Tag Archive | "queue"

Silent Majority relieved they can go back into hiding now that 7-day Lee Kuan Yew mourning period is over

Silent Majority relieved they can go back into hiding now that 7-day Lee Kuan Yew mourning period is over

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It was tough on them to show up in public and risk getting photographed and identified.

silent-majority

The Silent Majority, who showed up in full force last week in an unprecedented display of outpouring of grief to pay their last respects to Lee Kuan Yew, are relieved they can go back into hiding now that the week-long period of mourning is officially over.

Members of the Silent Majority said their initial fears of being put in the spotlight as attention will be focused on them standing for hours and forming long queues outside Parliament House where Lee Kuan Yew’s body was lying in state were totally founded.

One Silent Majority person, who declined to be named as he doesn’t typically put himself out there like that, said: “It was a harrowing experience for me and the rest of the Silent Majority. We had to stand up for what we believed in publicly for the first time instead of hiding behind the scenes and that was something we are not used to at all.”

“We were so exposed and there was no veil we could hide behind, no safe haven to reside and there were cameras everywhere. There was that risk we would be identified.”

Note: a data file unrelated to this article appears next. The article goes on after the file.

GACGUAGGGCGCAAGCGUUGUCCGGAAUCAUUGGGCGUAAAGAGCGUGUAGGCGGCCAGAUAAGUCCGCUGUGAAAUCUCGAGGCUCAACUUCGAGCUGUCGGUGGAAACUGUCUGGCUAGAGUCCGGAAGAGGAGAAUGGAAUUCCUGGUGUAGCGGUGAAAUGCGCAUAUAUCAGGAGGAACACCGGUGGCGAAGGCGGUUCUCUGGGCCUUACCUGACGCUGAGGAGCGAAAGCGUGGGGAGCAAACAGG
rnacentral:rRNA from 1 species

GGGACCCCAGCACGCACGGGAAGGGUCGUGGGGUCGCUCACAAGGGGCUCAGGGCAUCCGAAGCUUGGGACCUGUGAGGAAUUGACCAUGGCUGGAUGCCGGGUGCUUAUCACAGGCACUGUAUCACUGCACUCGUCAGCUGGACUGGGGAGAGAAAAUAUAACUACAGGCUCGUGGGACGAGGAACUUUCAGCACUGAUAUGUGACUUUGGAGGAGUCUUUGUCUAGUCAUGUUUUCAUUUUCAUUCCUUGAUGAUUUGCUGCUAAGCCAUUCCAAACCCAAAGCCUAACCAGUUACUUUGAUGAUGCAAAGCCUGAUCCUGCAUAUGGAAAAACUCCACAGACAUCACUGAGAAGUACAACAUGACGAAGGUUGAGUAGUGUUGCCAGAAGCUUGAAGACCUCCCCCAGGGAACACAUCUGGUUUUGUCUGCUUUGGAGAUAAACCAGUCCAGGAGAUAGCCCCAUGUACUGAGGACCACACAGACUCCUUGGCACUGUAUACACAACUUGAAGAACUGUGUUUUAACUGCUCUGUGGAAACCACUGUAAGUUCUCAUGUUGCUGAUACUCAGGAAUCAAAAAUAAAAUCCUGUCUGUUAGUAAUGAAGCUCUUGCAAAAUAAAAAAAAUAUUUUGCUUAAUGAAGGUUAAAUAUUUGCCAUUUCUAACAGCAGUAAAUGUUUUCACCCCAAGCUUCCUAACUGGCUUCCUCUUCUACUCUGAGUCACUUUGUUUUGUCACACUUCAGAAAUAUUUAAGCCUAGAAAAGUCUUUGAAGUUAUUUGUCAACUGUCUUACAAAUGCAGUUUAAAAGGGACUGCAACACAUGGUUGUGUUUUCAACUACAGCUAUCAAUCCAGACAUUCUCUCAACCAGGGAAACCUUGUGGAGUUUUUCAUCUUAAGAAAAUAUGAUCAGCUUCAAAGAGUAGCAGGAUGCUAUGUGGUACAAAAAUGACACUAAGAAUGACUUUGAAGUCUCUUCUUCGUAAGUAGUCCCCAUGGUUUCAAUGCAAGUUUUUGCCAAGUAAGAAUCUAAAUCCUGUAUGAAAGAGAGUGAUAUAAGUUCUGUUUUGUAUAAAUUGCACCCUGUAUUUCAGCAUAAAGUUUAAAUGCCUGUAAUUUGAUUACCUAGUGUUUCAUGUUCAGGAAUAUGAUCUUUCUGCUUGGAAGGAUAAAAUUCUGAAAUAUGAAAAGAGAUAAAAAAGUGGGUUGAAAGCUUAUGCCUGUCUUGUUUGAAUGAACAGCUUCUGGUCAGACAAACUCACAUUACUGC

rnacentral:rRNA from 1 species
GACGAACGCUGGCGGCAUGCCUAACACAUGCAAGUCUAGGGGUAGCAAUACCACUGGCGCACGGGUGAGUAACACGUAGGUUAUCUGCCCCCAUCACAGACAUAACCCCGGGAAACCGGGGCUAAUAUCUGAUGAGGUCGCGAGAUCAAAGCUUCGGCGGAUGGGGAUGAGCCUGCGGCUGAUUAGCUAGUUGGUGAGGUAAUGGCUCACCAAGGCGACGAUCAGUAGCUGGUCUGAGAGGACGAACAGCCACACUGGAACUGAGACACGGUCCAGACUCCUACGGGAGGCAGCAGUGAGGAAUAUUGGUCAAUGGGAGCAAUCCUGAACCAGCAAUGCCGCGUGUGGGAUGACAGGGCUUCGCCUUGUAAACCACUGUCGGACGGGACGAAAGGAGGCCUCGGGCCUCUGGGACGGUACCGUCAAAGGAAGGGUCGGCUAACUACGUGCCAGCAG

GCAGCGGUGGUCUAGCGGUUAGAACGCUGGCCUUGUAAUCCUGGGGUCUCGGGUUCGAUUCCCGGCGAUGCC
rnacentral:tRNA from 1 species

“But luckily there was nightfall, so those of us who are really uncomfortable can blend into the dark, while taking a quiet stand to show our support and respect for Lee Kuan Yew.”

“Glad that we can go back to being unseen now that this is over.”

Other members of the Silent Majority, though, were more coy about their experience, when asked to be interviewed.

One Silent Majority member who has been part of the low-key mainstream for the last few decades, said: “You mean you want a quote from me for an interview? I’m sorry, I don’t have any strong views about this.”

“I am really just a fence-sitter. I don’t feel like I am capable of providing you with a point-of-view.”

“Please, don’t take a photo of me. Wait for me to walk away first. Can give me a two-minute head start?”

 

Don’t worry Silent Majority, Lee Kuan Yew will always be with Yew:

Loud booming voice heard as rainbow appeared over Marina Barrage: ‘I will take care of you all!’

Revoke S’porean citizenship of those who did not pay respects to Lee Kuan Yew

Government underestimated how much S’poreans love Lee Kuan Yew

Government underestimated how much S’poreans love Lee Kuan Yew

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All the online abuse over the years misled the government into believing LKY is unpopular.

queue-lky

After years of abuse by online sites such as The Real Singapore, The Online Citizen and Temasek Review Emeritus casting aspersions on his integrity, the Singapore government announced today that they were taken aback by how much Singaporeans actually still admire, respect and care for Lee Kuan Yew.

This after tens of thousands of Singaporeans rushed to be the first to queue up to pay their last respects to the first prime minister of Singapore lying in state at the Parliament House.